UNSEEDING THE SEEDS
Twenty four teams line up for the world champs in Melbourne, to be played
under the revised system, whereby any team in any pool can win the championships,
rather than in the old system where there were virtually two divisions.
This is the line-up:
POOL A  Australia, Ireland, Hong Kong, Norway.
POOL B  Wales, South Africa, Germany, Mexico.
POOL C  England, Pakistan, Sweden, Kenya.
POOL D  Canada, Finland, Denmark, Japan.
POOL E  Scotland, Malaysia, Netherlands, Austria.
POOL F  Egypt, France, New Zealand, USA.
As you can see, Australia
is seeded one, and I have no argument with that. David Palmer, Paul Price,
Stewart Boswell and John Williams will be virtually unbeatable with tremendous
strength in depth. And with Anthony Ricketts waiting in the wings shows
you just how strong the new Australian crew are.
Wales is seeded number
two which is to me incomprehensible. Despite his top five ranking David
Evans, the Welsh number one has showed no consistency since his British
Open victory last year. Alex Gough can be tough at times but Wales simply
does not have a number three of strength.
Canada is ranked fourth,
but with Power, Ryding and Shahier Razik at three, I will put my money
on them to beat Wales any day.
England are ranked
three which is safe bet. Mark Chaloner, Chris Walker and Paul Johnson
are tremendously experienced in the team game and Lee Beachill is probably
the best number four in the entire tournament. My real beef is the lowly
seeding of Scotland at five: with John White and Martin Heath at one and
two they have the strength to make the semi-finals, even without a strong
So, here’s my final
four: 1. Australia, 2. Canada, 3. Scotland, 4. England. The next three
places should feature Egypt, France and Finland.
THE BARADA STORY
We may not have heard the last of Ahmed Barada, according to Squashtalk’s
Egyptian correspondent Golestan Radwan. A recent interview in an Egyptian
magazine gives hints at a possible comeback.
Radwan told Squashtalk:
“Astonishingly enough, it seemed that he implied his retirement decision
was not final. In this interview, he mentioned his back injury and that
his French doctor had instructed him to stop playing for at least six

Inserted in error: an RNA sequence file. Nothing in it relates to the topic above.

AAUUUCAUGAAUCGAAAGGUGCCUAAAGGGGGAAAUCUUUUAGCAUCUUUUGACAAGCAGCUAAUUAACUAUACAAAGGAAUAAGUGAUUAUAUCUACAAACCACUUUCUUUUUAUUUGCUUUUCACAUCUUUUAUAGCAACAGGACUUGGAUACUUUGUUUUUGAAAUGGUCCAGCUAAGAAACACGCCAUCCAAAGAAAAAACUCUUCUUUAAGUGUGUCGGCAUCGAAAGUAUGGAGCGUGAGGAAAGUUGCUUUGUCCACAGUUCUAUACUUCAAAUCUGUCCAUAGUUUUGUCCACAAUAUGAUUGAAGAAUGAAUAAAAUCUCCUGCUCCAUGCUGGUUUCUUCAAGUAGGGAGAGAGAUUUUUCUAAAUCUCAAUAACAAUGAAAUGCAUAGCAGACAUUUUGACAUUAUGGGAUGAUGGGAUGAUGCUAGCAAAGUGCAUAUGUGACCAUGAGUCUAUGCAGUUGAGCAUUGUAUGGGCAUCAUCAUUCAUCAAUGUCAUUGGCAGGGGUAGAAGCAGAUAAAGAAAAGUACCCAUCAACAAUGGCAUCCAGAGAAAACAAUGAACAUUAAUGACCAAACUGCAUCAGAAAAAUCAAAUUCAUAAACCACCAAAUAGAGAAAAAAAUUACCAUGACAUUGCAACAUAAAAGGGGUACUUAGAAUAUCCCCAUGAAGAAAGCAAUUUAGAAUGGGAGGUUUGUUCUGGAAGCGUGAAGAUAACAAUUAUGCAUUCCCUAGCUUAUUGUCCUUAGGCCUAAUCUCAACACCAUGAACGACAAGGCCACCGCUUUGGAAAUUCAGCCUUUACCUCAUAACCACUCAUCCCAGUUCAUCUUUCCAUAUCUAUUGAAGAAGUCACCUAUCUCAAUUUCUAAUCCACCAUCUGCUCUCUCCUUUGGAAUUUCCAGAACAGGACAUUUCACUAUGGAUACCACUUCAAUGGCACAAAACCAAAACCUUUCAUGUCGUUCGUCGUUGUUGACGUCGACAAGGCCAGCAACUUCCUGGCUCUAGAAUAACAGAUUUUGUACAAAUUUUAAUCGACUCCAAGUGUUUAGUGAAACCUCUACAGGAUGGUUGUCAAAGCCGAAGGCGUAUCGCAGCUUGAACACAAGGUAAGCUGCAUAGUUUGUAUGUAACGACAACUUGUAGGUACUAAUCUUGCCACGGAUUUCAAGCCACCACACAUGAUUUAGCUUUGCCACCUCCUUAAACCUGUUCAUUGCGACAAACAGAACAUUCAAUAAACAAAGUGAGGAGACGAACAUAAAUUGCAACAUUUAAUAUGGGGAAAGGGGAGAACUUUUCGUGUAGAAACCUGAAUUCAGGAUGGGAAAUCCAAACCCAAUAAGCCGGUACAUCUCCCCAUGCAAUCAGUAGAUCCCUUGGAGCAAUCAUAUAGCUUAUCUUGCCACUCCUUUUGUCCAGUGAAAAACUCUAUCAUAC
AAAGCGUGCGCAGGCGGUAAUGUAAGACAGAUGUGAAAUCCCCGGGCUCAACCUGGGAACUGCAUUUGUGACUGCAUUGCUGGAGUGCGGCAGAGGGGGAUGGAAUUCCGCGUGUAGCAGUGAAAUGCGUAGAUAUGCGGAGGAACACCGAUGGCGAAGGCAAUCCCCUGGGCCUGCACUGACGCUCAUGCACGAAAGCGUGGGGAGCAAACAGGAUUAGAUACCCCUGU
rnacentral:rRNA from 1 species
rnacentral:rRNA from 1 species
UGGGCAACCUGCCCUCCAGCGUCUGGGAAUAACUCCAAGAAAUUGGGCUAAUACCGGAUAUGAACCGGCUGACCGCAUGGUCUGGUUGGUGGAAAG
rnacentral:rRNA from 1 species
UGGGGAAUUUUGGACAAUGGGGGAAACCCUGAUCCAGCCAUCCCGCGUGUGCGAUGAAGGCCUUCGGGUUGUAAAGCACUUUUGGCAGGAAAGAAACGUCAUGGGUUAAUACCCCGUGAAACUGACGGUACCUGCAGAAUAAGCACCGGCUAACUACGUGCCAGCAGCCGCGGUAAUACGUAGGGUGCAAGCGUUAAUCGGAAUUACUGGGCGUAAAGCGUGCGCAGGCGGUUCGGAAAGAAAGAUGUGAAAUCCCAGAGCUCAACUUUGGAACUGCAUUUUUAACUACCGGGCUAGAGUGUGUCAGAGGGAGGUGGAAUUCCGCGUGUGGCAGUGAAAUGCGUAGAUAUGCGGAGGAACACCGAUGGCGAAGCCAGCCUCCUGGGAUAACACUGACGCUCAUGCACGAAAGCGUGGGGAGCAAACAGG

months in order to recover fully, or else he will not treat him again!
This came, according to Barada, after a series of attempts from his side
to cut his recovery period short in order to participate in tournaments.
He said he had announced
his retirement in order for people not to keep expecting a lot of him
and to ease the pressure of having to come back quickly, and just in case
he could not be able to make it back. He talked about his short-term plans
of continuing his studies and recovering from his injuries, saying he
had six months to a year to himself now and that he was trying to adjust
himself to the fact that his dream of becoming the world’s number one
might never come true.”
He’s also got engaged
again, but to a different womanÂ
.. I for one hope that a year out of the
spotlight and away from the pressure will allow him to get hungry for
some court action again and for his back to mend properly. He was a valuable
addition to the world scene. If he were at number one for Egypt in Melbourne
for the team champs, they would be a cert for second place.
They held a major coaching conference in Melbourne as part of the Festival
but Joe Shaw wasn’t part of it. Joe Shaw is the man who helped guide David
Palmer to the number world number one spot. He’s also been a major influence
in the squash development of John White, who now plays for Scotland and
is ranked seven in the world. Shaw’s the sort of man you would want at
a coaching conference, disseminating his methods and wisdom.
But the Australian
Institute of Sport (AIS) and Squash Australia got him banned because Joe
has been questioning the AIS lack of results despite the millions of Australian
dollars being poured into the AIS. David Palmer went to the AIS six years